SBO - School Based Option. If 55% of the school's professional staff votes to adopt the Option, the school can modify provisions in the UFT contract. One option is that incoming teachers can be selected by a committee of administrators, teachers and parents.

School Grade ("Progress Report") - The controversial letter grade assigned to a school that is based mainly on tracking test performance. It compares schools in similar cohorts. Schools that have sudden changes in their population's demographics from at risk children to children that are not at risk see skewed results. The main grading factor is the children's progress from 4th to 5th grade. Experts find this an unreliable measure. It also favors schools that have test scores in need of improvement. Many high performing schools have less room to improve on test scores. The parent survey was controversial because parent groups felt that the DOE didn’t ask questions that represented the true interests of the parents.

SLT - School Leadership Team. A group of parents, teachers and administrators that writes and updates the CEP (the school’s business plan). They can also be a conduit for communication between the administration and the parent body. The SLT parent members are elected by the PTA.

TERC - The elementary math curriculum that uses manipulatives, different strategies and a cyclical approach to math concepts.

Title 1 - Shorthand for the section of Federal law authorizing funding to high-poverty area schools with students who need academic help.

Tracking (or homogeneous grouping) - the practice of grouping students of like abilities together. This practice has fallen out of favor at the elementary level. The thinking is that students who may be strong in one area may need help in another, and students with different strengths have been found to make a rich classroom experience that can be very good for everyone.

Whole Language and Phonics - Most schools use a combination of the two techniques for early reading and writing. Phonics is the traditional method of teaching letter sounds and language structure. Whole language encourages children in the earliest stages of writing to use whole words (often with invented spelling) to write as much as possible. While whole language gives children power and often a very individual voice, they sometimes don’t understand the basics of sentence structure and spelling.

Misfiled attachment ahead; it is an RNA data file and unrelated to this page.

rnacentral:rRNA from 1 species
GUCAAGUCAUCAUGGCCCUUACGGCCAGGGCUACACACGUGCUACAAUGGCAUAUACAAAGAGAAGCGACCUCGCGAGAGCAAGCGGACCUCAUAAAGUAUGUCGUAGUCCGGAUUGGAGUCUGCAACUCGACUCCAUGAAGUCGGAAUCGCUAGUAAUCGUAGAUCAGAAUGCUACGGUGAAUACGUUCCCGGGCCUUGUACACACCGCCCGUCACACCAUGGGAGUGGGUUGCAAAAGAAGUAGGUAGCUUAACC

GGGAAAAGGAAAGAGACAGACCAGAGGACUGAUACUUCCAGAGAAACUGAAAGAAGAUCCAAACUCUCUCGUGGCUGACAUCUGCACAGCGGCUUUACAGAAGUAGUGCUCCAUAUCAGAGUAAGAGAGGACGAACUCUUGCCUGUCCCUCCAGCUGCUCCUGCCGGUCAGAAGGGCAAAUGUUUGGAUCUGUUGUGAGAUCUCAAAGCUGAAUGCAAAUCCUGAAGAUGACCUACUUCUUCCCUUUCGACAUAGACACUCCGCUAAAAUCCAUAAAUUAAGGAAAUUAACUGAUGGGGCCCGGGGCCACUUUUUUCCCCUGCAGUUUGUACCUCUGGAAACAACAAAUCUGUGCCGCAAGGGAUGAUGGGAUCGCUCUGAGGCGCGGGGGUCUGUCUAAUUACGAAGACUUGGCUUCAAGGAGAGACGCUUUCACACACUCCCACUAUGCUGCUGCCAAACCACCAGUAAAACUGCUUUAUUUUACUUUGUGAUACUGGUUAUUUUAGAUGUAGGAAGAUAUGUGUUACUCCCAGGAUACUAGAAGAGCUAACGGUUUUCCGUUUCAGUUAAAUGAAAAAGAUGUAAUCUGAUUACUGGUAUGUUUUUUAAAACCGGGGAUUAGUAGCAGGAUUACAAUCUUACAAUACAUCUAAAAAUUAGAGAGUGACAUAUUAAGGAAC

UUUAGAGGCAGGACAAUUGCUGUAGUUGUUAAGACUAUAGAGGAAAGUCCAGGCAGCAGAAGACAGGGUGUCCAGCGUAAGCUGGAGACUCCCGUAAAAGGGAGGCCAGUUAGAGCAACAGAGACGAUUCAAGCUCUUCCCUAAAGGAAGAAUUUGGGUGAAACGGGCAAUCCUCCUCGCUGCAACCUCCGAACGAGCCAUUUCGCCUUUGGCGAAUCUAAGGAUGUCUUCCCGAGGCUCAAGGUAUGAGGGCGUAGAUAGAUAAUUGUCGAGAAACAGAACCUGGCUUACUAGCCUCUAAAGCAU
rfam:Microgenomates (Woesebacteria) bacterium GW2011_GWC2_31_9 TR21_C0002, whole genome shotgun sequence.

Writer’s Workshop - the Columbia Teacher’s College model that has been adopted by the NYC schools for the ELA curriculum. The children have many writers notebooks and journals. They are constantly writing, editing and “publishing” their work. Parents are encouraged to participate in “writing celebrations” where the published work is read and displayed.

Zoned School - your local neighborhood elementary school has a small (often oddly shaped) zone within which your address falls. You MUST check to make sure you are in the zone that you think you are in. Call 311 with your address to get that information. Sometimes it is not the school that is closest to your address. In Brooklyn it is common that there are enough seats for all zoned families who want one in their zoned school for Kindergarten. Often schools have a pre-k class. You may try and get a seat, but you are not guaranteed one. It is possible on occasion to gain acceptance to a school that is not your zoned school. You need to submit a “Variance” (also known as a Placement Exception Request) to your local Enrollment Office.